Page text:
Next, electronic data interchange, is the act of businesses exchanging data online. Electronic data interchange, or EDI, is one of oldest forms of technology for computer-to-computer exchanges. EDI can exchange: business invoices, purchase orders, price quotes, and general sales information. EDI requires the use of computer software, so the two EDI partners must have compatible software toy be able to undertake the exchange, however, most of this is conducted over the internet utilizing web browsers now-a-days, so software compatibility isn’t as important anymore. When business utilize electronic data interchange, most of the time they can see a reduction in paper use, increases the speed of the exchange cycle, greatly reduces errors. EDI can also help business to be more efficient in their production, so they only have to produce enough to match demand, which reduces the amount of stock they have to have on hand, which in turn reduces cost. The act of doing this is called quick response or just-in-time inventory. EDI is commonly taken place over extranets, which is a secure website setup for allowing the data exchanges. Extranets can be accessed by: customers, suppliers, and other authorized users, and allow them to access internal company information in order to enhance business relationships. Electronic data transfers are extremely helpful in providing quick ways for business to communicate with one another to maintain an enhanced relationship.
On a more personal basis, many companies have blogs and emailing systems. Blogs are personal, friendly environments where businesses can keep customers informed about new products and services, and customers can respond and give feedback about those products or services. For instance, a company posts a blog entry about a new product they are coming out with, the customers can then give feedback about that product to give that company new ideas on how to improve their product. Blogs can often be made by independent companies who review other companies products, thus giving customers more ways to find real world information about products. Instead of only hearing what’s good about the products from the company, customers can here the negatives and positives of products via third party blogs. The next way a company can get product information to customers is emailing lists. Basically, when customers visit company websites, the company has links to sign up for an emailing list. The list of email address are then periodically sent an email regarding what’s going on in the company, or including information about future products. Doing this helps to increase enthusiasm and knowledge about the company, and in turn, can increase the potential of those customers actually purchasing something. Also, having interesting content on a blog, the company can keep potential customers on their website, instead of the competitions, thus promoting brand loyalty. When a company has interesting and engaging blogs or emails for customers, that company is establishing brand loyalty and increases the possibility of their website visitors to purchase products.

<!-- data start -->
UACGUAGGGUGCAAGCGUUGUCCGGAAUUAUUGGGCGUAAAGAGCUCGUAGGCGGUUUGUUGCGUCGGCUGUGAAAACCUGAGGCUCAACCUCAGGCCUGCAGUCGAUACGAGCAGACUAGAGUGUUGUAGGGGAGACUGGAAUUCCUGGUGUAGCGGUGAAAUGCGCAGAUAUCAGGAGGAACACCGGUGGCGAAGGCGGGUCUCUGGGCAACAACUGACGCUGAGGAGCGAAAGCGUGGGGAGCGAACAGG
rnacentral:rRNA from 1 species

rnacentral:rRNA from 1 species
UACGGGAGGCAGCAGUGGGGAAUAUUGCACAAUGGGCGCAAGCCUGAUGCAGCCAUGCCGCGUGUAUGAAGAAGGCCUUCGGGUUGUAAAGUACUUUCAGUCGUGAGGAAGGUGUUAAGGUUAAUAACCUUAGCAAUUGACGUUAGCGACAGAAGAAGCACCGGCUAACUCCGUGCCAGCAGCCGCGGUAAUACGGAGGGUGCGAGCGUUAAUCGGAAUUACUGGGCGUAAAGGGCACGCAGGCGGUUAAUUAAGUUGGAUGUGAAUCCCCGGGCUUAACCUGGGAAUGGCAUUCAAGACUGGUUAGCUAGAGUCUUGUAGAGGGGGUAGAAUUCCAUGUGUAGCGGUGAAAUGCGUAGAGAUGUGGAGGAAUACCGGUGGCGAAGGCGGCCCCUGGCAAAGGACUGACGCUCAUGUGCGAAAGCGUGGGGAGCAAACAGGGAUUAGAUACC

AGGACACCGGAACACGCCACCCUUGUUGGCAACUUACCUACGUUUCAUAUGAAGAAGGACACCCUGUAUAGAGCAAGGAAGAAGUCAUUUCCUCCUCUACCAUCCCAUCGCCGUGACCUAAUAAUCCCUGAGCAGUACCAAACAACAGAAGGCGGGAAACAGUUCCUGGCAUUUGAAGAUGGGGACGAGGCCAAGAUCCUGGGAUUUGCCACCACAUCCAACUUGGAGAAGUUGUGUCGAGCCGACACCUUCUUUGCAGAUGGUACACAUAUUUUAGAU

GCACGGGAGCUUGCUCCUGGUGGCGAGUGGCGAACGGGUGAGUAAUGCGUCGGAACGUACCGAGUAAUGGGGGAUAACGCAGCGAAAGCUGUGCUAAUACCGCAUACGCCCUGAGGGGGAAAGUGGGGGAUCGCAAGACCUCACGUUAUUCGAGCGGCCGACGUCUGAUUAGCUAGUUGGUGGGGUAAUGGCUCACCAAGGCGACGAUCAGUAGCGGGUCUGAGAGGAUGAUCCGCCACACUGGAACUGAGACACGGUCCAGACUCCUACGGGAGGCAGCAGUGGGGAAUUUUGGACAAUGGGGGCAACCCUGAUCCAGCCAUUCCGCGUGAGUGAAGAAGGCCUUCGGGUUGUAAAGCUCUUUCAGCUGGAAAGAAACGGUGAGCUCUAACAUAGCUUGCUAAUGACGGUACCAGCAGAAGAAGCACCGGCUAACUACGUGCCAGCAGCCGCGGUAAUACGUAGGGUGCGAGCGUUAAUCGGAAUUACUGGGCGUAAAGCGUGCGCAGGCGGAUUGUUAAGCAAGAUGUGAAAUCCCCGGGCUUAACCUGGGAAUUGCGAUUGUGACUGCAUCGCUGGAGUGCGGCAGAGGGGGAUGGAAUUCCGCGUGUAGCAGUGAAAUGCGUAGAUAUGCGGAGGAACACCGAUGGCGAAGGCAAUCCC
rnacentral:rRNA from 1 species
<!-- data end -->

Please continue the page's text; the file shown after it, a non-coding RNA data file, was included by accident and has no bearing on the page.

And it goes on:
Now, how do companies gather and use information from the internet to promote and expand their business? First of all, many companies actually spend time surfing the web to find competing companies, and do as much research as they can about those companies. By doing that, the company can gain valuable knowledge on what other competing companies are doing, so they can have a better advantage new products or services soon to be released. This means, that if, say, Apple were to come out with a new iPhone, but a prototype of that was left somewhere, and found by someone else, Apples competing companies can see the prototype version and possibly beat Apple to market with a better version of said phone. That actually happened with the iPhone 4, as well, and because of that, the competing phone, the HTC Evo 4G, was released for sale just 3 days before the iPhone 4 was introduced, which could have potentially hurt sales figures dramatically. Many companies are always on the scavenge for new product information from their competitors, so they can beat them to market and take away sales from the competitors product. Well, not all companies are on the lookout to destroy a competitors future product, some just want to get more information about their customers. This way, the company can better understand their potential customers to be able to tailor make their products for that specific group of users. In other words, if a companies customers all like high-end or expensive merchandise, then that company would respond to that, and produce high end and more expensive products. Many companies use surveys on their website to help determine the identity of their customer base. For instance, some websites have a pop-up that opens upon leaving their website, asking you to take a brief survey. So, many companies research their competitors to get a leg up on their competition, and have website viewers take surveys so they can better understand their customers needs, all to tailor make the products to what the market is demanding.
(On last page of part 3)